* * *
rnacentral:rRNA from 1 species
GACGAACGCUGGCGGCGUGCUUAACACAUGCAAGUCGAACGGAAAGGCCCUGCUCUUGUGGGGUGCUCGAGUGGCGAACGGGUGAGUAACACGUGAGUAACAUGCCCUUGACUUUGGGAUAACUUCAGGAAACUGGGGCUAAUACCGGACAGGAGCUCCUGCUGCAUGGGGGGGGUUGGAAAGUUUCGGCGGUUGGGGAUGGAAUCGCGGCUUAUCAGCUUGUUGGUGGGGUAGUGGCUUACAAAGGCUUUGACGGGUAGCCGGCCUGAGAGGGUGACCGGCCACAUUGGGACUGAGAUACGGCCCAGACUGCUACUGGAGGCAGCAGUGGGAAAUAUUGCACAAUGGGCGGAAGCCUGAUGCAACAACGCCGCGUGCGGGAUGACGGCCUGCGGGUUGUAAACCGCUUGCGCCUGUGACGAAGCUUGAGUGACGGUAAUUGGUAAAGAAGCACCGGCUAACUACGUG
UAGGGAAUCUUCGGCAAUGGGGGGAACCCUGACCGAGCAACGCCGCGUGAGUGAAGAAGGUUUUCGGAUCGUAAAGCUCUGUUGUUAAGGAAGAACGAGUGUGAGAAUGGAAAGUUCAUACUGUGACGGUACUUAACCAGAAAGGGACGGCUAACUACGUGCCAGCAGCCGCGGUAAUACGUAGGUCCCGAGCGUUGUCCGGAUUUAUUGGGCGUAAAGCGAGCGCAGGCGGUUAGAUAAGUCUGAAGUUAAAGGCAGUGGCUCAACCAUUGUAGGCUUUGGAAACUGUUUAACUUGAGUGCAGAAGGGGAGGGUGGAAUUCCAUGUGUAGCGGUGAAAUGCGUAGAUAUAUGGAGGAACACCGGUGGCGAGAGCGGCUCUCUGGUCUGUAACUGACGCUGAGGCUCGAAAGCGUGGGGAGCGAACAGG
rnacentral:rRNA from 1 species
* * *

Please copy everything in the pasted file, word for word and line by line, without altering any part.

rnacentral:rRNA from 1 species
GACGAACGCUGGCGGCGUGCUUAACACAUGCAAGUCGAACGGAAAGGCCCUGCUCUUGUGGGGUGCUCGAGUGGCGAACGGGUGAGUAACACGUGAGUAACAUGCCCUUGACUUUGGGAUAACUUCAGGAAACUGGGGCUAAUACCGGACAGGAGCUCCUGCUGCAUGGGGGGGGUUGGAAAGUUUCGGCGGUUGGGGAUGGAAUCGCGGCUUAUCAGCUUGUUGGUGGGGUAGUGGCUUACAAAGGCUUUGACGGGUAGCCGGCCUGAGAGGGUGACCGGCCACAUUGGGACUGAGAUACGGCCCAGACUGCUACUGGAGGCAGCAGUGGGAAAUAUUGCACAAUGGGCGGAAGCCUGAUGCAACAACGCCGCGUGCGGGAUGACGGCCUGCGGGUUGUAAACCGCUUGCGCCUGUGACGAAGCUUGAGUGACGGUAAUUGGUAAAGAAGCACCGGCUAACUACGUG
UAGGGAAUCUUCGGCAAUGGGGGGAACCCUGACCGAGCAACGCCGCGUGAGUGAAGAAGGUUUUCGGAUCGUAAAGCUCUGUUGUUAAGGAAGAACGAGUGUGAGAAUGGAAAGUUCAUACUGUGACGGUACUUAACCAGAAAGGGACGGCUAACUACGUGCCAGCAGCCGCGGUAAUACGUAGGUCCCGAGCGUUGUCCGGAUUUAUUGGGCGUAAAGCGAGCGCAGGCGGUUAGAUAAGUCUGAAGUUAAAGGCAGUGGCUCAACCAUUGUAGGCUUUGGAAACUGUUUAACUUGAGUGCAGAAGGGGAGGGUGGAAUUCCAUGUGUAGCGGUGAAAUGCGUAGAUAUAUGGAGGAACACCGGUGGCGAGAGCGGCUCUCUGGUCUGUAACUGACGCUGAGGCUCGAAAGCGUGGGGAGCGAACAGG
rnacentral:rRNA from 1 species